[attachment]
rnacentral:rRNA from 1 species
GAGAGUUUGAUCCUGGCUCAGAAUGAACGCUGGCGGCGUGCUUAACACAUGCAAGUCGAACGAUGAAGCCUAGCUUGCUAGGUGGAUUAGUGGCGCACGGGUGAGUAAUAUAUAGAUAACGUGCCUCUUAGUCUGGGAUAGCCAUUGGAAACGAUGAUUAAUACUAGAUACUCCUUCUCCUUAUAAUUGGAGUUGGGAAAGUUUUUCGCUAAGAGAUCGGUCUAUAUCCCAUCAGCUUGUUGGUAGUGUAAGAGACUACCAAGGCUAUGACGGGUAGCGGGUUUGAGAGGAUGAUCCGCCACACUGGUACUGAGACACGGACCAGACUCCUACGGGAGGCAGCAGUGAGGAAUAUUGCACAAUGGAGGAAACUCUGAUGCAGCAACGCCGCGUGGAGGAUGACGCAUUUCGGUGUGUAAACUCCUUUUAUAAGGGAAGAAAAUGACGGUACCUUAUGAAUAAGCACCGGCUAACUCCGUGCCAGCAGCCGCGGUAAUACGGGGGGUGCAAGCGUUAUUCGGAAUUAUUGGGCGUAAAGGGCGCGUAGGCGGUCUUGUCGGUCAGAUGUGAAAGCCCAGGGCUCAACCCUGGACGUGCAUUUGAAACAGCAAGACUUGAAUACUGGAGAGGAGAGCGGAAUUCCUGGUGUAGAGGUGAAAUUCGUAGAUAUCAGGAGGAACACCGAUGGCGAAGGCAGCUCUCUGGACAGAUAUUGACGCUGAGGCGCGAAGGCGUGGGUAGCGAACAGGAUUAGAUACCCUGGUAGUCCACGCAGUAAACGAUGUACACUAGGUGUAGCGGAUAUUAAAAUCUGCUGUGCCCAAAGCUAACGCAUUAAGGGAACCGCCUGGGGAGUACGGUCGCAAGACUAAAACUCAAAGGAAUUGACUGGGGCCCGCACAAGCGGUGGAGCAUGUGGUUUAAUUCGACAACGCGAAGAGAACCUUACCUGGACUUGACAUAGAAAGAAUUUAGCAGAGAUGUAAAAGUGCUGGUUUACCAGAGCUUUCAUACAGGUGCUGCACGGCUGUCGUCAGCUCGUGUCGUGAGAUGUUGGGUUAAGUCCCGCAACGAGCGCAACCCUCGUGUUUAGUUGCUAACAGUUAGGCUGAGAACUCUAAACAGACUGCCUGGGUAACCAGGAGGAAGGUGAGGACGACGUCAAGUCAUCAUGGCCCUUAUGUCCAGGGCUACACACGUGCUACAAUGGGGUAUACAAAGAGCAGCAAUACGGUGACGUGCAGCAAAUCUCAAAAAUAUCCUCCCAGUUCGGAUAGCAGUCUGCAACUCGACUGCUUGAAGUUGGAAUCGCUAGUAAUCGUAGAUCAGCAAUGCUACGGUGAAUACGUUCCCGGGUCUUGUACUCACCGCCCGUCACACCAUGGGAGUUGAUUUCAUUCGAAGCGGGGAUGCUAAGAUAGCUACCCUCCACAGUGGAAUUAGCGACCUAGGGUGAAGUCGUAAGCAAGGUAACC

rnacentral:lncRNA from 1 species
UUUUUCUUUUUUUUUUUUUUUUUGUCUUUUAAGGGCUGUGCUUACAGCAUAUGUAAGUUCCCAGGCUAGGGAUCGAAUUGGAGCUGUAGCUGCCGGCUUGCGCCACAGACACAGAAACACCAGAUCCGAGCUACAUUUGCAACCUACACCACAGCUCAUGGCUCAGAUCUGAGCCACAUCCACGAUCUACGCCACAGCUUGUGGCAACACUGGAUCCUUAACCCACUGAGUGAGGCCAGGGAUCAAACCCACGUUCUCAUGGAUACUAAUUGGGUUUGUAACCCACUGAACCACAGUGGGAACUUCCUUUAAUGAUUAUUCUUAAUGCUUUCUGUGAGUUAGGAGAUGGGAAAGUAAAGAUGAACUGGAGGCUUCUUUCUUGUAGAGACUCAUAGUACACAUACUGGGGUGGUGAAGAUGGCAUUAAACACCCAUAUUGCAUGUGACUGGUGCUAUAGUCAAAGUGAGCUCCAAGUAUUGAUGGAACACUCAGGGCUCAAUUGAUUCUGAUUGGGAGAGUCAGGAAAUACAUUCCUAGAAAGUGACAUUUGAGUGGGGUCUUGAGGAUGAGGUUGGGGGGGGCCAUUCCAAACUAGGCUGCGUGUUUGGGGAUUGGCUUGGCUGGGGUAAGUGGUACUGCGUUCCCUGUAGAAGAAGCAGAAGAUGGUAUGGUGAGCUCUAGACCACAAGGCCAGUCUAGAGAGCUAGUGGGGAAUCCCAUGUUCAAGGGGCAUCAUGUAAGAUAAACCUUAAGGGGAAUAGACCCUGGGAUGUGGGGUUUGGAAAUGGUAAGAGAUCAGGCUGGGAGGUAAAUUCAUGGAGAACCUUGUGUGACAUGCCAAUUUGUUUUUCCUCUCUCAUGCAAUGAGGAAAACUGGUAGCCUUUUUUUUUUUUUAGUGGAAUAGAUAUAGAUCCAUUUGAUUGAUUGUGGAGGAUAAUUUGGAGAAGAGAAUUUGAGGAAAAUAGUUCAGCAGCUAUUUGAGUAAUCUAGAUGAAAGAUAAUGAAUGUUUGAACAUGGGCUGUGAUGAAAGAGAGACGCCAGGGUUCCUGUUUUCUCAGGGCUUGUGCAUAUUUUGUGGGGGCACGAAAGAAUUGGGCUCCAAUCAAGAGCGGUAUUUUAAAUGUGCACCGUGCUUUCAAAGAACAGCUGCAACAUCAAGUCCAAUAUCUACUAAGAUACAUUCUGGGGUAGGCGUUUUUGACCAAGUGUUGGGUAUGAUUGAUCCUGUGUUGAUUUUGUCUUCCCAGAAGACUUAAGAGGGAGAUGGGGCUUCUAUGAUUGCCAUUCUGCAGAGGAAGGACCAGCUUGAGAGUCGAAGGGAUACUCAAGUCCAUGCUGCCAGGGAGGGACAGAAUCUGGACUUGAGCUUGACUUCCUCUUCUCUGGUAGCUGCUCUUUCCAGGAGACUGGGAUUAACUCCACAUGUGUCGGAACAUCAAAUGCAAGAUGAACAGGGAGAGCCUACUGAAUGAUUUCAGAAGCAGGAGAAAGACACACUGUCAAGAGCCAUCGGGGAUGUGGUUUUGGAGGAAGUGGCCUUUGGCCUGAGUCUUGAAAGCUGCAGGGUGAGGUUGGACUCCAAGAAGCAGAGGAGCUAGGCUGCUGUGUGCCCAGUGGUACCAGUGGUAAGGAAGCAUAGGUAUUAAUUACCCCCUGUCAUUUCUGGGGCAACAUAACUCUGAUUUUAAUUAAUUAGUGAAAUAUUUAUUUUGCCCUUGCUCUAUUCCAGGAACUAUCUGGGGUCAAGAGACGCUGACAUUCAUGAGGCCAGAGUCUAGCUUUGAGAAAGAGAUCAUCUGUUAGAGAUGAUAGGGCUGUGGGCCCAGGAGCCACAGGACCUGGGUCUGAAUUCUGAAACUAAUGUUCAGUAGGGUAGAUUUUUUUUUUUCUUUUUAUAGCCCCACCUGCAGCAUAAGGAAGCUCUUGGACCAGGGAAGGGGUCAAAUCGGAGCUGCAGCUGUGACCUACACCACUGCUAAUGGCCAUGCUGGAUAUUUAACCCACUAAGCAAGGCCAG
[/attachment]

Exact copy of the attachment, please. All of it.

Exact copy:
rnacentral:rRNA from 1 species
GAGAGUUUGAUCCUGGCUCAGAAUGAACGCUGGCGGCGUGCUUAACACAUGCAAGUCGAACGAUGAAGCCUAGCUUGCUAGGUGGAUUAGUGGCGCACGGGUGAGUAAUAUAUAGAUAACGUGCCUCUUAGUCUGGGAUAGCCAUUGGAAACGAUGAUUAAUACUAGAUACUCCUUCUCCUUAUAAUUGGAGUUGGGAAAGUUUUUCGCUAAGAGAUCGGUCUAUAUCCCAUCAGCUUGUUGGUAGUGUAAGAGACUACCAAGGCUAUGACGGGUAGCGGGUUUGAGAGGAUGAUCCGCCACACUGGUACUGAGACACGGACCAGACUCCUACGGGAGGCAGCAGUGAGGAAUAUUGCACAAUGGAGGAAACUCUGAUGCAGCAACGCCGCGUGGAGGAUGACGCAUUUCGGUGUGUAAACUCCUUUUAUAAGGGAAGAAAAUGACGGUACCUUAUGAAUAAGCACCGGCUAACUCCGUGCCAGCAGCCGCGGUAAUACGGGGGGUGCAAGCGUUAUUCGGAAUUAUUGGGCGUAAAGGGCGCGUAGGCGGUCUUGUCGGUCAGAUGUGAAAGCCCAGGGCUCAACCCUGGACGUGCAUUUGAAACAGCAAGACUUGAAUACUGGAGAGGAGAGCGGAAUUCCUGGUGUAGAGGUGAAAUUCGUAGAUAUCAGGAGGAACACCGAUGGCGAAGGCAGCUCUCUGGACAGAUAUUGACGCUGAGGCGCGAAGGCGUGGGUAGCGAACAGGAUUAGAUACCCUGGUAGUCCACGCAGUAAACGAUGUACACUAGGUGUAGCGGAUAUUAAAAUCUGCUGUGCCCAAAGCUAACGCAUUAAGGGAACCGCCUGGGGAGUACGGUCGCAAGACUAAAACUCAAAGGAAUUGACUGGGGCCCGCACAAGCGGUGGAGCAUGUGGUUUAAUUCGACAACGCGAAGAGAACCUUACCUGGACUUGACAUAGAAAGAAUUUAGCAGAGAUGUAAAAGUGCUGGUUUACCAGAGCUUUCAUACAGGUGCUGCACGGCUGUCGUCAGCUCGUGUCGUGAGAUGUUGGGUUAAGUCCCGCAACGAGCGCAACCCUCGUGUUUAGUUGCUAACAGUUAGGCUGAGAACUCUAAACAGACUGCCUGGGUAACCAGGAGGAAGGUGAGGACGACGUCAAGUCAUCAUGGCCCUUAUGUCCAGGGCUACACACGUGCUACAAUGGGGUAUACAAAGAGCAGCAAUACGGUGACGUGCAGCAAAUCUCAAAAAUAUCCUCCCAGUUCGGAUAGCAGUCUGCAACUCGACUGCUUGAAGUUGGAAUCGCUAGUAAUCGUAGAUCAGCAAUGCUACGGUGAAUACGUUCCCGGGUCUUGUACUCACCGCCCGUCACACCAUGGGAGUUGAUUUCAUUCGAAGCGGGGAUGCUAAGAUAGCUACCCUCCACAGUGGAAUUAGCGACCUAGGGUGAAGUCGUAAGCAAGGUAACC

rnacentral:lncRNA from 1 species
UUUUUCUUUUUUUUUUUUUUUUUGUCUUUUAAGGGCUGUGCUUACAGCAUAUGUAAGUUCCCAGGCUAGGGAUCGAAUUGGAGCUGUAGCUGCCGGCUUGCGCCACAGACACAGAAACACCAGAUCCGAGCUACAUUUGCAACCUACACCACAGCUCAUGGCUCAGAUCUGAGCCACAUCCACGAUCUACGCCACAGCUUGUGGCAACACUGGAUCCUUAACCCACUGAGUGAGGCCAGGGAUCAAACCCACGUUCUCAUGGAUACUAAUUGGGUUUGUAACCCACUGAACCACAGUGGGAACUUCCUUUAAUGAUUAUUCUUAAUGCUUUCUGUGAGUUAGGAGAUGGGAAAGUAAAGAUGAACUGGAGGCUUCUUUCUUGUAGAGACUCAUAGUACACAUACUGGGGUGGUGAAGAUGGCAUUAAACACCCAUAUUGCAUGUGACUGGUGCUAUAGUCAAAGUGAGCUCCAAGUAUUGAUGGAACACUCAGGGCUCAAUUGAUUCUGAUUGGGAGAGUCAGGAAAUACAUUCCUAGAAAGUGACAUUUGAGUGGGGUCUUGAGGAUGAGGUUGGGGGGGGCCAUUCCAAACUAGGCUGCGUGUUUGGGGAUUGGCUUGGCUGGGGUAAGUGGUACUGCGUUCCCUGUAGAAGAAGCAGAAGAUGGUAUGGUGAGCUCUAGACCACAAGGCCAGUCUAGAGAGCUAGUGGGGAAUCCCAUGUUCAAGGGGCAUCAUGUAAGAUAAACCUUAAGGGGAAUAGACCCUGGGAUGUGGGGUUUGGAAAUGGUAAGAGAUCAGGCUGGGAGGUAAAUUCAUGGAGAACCUUGUGUGACAUGCCAAUUUGUUUUUCCUCUCUCAUGCAAUGAGGAAAACUGGUAGCCUUUUUUUUUUUUUAGUGGAAUAGAUAUAGAUCCAUUUGAUUGAUUGUGGAGGAUAAUUUGGAGAAGAGAAUUUGAGGAAAAUAGUUCAGCAGCUAUUUGAGUAAUCUAGAUGAAAGAUAAUGAAUGUUUGAACAUGGGCUGUGAUGAAAGAGAGACGCCAGGGUUCCUGUUUUCUCAGGGCUUGUGCAUAUUUUGUGGGGGCACGAAAGAAUUGGGCUCCAAUCAAGAGCGGUAUUUUAAAUGUGCACCGUGCUUUCAAAGAACAGCUGCAACAUCAAGUCCAAUAUCUACUAAGAUACAUUCUGGGGUAGGCGUUUUUGACCAAGUGUUGGGUAUGAUUGAUCCUGUGUUGAUUUUGUCUUCCCAGAAGACUUAAGAGGGAGAUGGGGCUUCUAUGAUUGCCAUUCUGCAGAGGAAGGACCAGCUUGAGAGUCGAAGGGAUACUCAAGUCCAUGCUGCCAGGGAGGGACAGAAUCUGGACUUGAGCUUGACUUCCUCUUCUCUGGUAGCUGCUCUUUCCAGGAGACUGGGAUUAACUCCACAUGUGUCGGAACAUCAAAUGCAAGAUGAACAGGGAGAGCCUACUGAAUGAUUUCAGAAGCAGGAGAAAGACACACUGUCAAGAGCCAUCGGGGAUGUGGUUUUGGAGGAAGUGGCCUUUGGCCUGAGUCUUGAAAGCUGCAGGGUGAGGUUGGACUCCAAGAAGCAGAGGAGCUAGGCUGCUGUGUGCCCAGUGGUACCAGUGGUAAGGAAGCAUAGGUAUUAAUUACCCCCUGUCAUUUCUGGGGCAACAUAACUCUGAUUUUAAUUAAUUAGUGAAAUAUUUAUUUUGCCCUUGCUCUAUUCCAGGAACUAUCUGGGGUCAAGAGACGCUGACAUUCAUGAGGCCAGAGUCUAGCUUUGAGAAAGAGAUCAUCUGUUAGAGAUGAUAGGGCUGUGGGCCCAGGAGCCACAGGACCUGGGUCUGAAUUCUGAAACUAAUGUUCAGUAGGGUAGAUUUUUUUUUUUCUUUUUAUAGCCCCACCUGCAGCAUAAGGAAGCUCUUGGACCAGGGAAGGGGUCAAAUCGGAGCUGCAGCUGUGACCUACACCACUGCUAAUGGCCAUGCUGGAUAUUUAACCCACUAAGCAAGGCCAG